CONGESTION AND roadworks can reduce traffic to a crawl on motorways but away from these irritations and on rare, free-flowing stretches, fewer drivers are breaking the speed limit as the growing number of speed cameras and higher fuel prices begin to bite.
Figures from the Department for Transport show that 47% of drivers exceed the 70mph limit on motorways, compared with 57% a decade ago. The figure is the lowest since the DfT began publishing the data in 2002.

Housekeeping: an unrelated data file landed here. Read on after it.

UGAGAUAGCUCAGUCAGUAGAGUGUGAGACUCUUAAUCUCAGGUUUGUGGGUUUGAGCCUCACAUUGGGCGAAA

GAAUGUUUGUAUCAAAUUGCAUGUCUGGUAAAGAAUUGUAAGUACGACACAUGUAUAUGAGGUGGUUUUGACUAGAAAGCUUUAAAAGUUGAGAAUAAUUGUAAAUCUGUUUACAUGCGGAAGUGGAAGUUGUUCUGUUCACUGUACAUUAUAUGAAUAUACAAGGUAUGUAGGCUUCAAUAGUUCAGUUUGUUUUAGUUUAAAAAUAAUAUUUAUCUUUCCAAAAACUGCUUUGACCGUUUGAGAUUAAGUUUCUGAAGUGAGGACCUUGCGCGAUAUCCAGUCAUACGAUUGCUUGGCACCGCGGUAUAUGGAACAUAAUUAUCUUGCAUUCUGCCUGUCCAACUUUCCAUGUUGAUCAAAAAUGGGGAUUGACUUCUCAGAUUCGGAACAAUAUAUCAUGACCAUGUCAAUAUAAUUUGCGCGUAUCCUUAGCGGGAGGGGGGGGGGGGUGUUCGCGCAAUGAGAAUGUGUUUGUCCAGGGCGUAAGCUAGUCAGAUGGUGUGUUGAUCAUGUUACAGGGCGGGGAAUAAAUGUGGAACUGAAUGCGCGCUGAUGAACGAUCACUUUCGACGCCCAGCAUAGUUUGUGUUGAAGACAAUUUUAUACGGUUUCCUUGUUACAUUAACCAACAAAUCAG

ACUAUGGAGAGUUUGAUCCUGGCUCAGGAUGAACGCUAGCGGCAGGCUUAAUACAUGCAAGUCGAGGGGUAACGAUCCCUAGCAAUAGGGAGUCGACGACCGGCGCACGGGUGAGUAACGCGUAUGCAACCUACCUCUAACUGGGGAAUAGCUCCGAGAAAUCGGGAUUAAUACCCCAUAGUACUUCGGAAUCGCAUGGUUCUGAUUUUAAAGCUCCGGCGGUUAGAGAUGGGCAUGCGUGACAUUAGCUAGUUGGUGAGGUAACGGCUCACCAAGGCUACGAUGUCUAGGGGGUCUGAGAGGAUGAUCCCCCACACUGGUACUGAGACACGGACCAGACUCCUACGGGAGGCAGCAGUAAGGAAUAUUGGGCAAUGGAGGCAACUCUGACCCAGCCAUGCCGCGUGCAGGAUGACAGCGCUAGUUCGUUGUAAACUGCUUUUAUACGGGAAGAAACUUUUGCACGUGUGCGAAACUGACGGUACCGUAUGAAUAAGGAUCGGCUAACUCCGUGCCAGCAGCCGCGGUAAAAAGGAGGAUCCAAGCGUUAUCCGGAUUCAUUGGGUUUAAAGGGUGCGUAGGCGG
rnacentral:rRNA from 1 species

The number of “extreme speeders”, drivers travelling faster than 80mph on motorways, also fell from 20% in 2003 to 12% in 2013.
Away from motorways and on urban roads, drivers also watched their speeds with the proportion of speeders breaking 30mph limits falling to a record low of 46%.
Experts said the high cost of fuel and the proliferation of speed cameras had helped deter speeding all on roads.
Extreme speeders continue to plague the UK’s roads, however. Last week, Driving reported new police figures for the period April 2013 to May 2014 which revealed how some motorists have been clocked driving at speeds far in excess of the prevailing limit.
For example, one motorist was clocked by a fixed camera driving at 96mph in a 30mph limit near Gateshead.